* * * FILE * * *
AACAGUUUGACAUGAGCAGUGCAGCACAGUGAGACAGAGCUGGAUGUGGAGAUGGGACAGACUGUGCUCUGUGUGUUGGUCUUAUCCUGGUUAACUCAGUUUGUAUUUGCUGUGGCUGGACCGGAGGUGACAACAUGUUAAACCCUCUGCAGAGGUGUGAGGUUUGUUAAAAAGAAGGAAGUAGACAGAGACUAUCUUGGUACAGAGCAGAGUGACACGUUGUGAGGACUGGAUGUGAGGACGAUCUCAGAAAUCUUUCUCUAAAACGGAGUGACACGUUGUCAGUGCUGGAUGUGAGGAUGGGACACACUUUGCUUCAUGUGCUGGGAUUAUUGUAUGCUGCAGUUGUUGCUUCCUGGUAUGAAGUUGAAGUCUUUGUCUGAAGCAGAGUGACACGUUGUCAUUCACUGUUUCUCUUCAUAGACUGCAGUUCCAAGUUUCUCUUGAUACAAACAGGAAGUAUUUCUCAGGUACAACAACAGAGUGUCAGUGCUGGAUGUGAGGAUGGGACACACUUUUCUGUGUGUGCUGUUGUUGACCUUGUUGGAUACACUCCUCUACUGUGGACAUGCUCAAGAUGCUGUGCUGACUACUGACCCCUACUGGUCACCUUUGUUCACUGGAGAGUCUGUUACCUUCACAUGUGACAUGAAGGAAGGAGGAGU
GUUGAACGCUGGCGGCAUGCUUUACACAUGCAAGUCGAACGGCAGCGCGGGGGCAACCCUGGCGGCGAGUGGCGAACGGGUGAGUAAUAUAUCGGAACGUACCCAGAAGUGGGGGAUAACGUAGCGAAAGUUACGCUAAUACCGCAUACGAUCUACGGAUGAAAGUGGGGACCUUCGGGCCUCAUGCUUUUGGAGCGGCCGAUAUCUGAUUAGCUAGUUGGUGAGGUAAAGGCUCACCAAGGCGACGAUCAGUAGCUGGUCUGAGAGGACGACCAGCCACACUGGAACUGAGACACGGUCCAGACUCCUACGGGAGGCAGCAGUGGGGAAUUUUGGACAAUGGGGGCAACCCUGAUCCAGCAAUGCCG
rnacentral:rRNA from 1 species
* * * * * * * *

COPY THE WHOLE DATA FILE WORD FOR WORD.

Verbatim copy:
AACAGUUUGACAUGAGCAGUGCAGCACAGUGAGACAGAGCUGGAUGUGGAGAUGGGACAGACUGUGCUCUGUGUGUUGGUCUUAUCCUGGUUAACUCAGUUUGUAUUUGCUGUGGCUGGACCGGAGGUGACAACAUGUUAAACCCUCUGCAGAGGUGUGAGGUUUGUUAAAAAGAAGGAAGUAGACAGAGACUAUCUUGGUACAGAGCAGAGUGACACGUUGUGAGGACUGGAUGUGAGGACGAUCUCAGAAAUCUUUCUCUAAAACGGAGUGACACGUUGUCAGUGCUGGAUGUGAGGAUGGGACACACUUUGCUUCAUGUGCUGGGAUUAUUGUAUGCUGCAGUUGUUGCUUCCUGGUAUGAAGUUGAAGUCUUUGUCUGAAGCAGAGUGACACGUUGUCAUUCACUGUUUCUCUUCAUAGACUGCAGUUCCAAGUUUCUCUUGAUACAAACAGGAAGUAUUUCUCAGGUACAACAACAGAGUGUCAGUGCUGGAUGUGAGGAUGGGACACACUUUUCUGUGUGUGCUGUUGUUGACCUUGUUGGAUACACUCCUCUACUGUGGACAUGCUCAAGAUGCUGUGCUGACUACUGACCCCUACUGGUCACCUUUGUUCACUGGAGAGUCUGUUACCUUCACAUGUGACAUGAAGGAAGGAGGAGU
GUUGAACGCUGGCGGCAUGCUUUACACAUGCAAGUCGAACGGCAGCGCGGGGGCAACCCUGGCGGCGAGUGGCGAACGGGUGAGUAAUAUAUCGGAACGUACCCAGAAGUGGGGGAUAACGUAGCGAAAGUUACGCUAAUACCGCAUACGAUCUACGGAUGAAAGUGGGGACCUUCGGGCCUCAUGCUUUUGGAGCGGCCGAUAUCUGAUUAGCUAGUUGGUGAGGUAAAGGCUCACCAAGGCGACGAUCAGUAGCUGGUCUGAGAGGACGACCAGCCACACUGGAACUGAGACACGGUCCAGACUCCUACGGGAGGCAGCAGUGGGGAAUUUUGGACAAUGGGGGCAACCCUGAUCCAGCAAUGCCG
rnacentral:rRNA from 1 species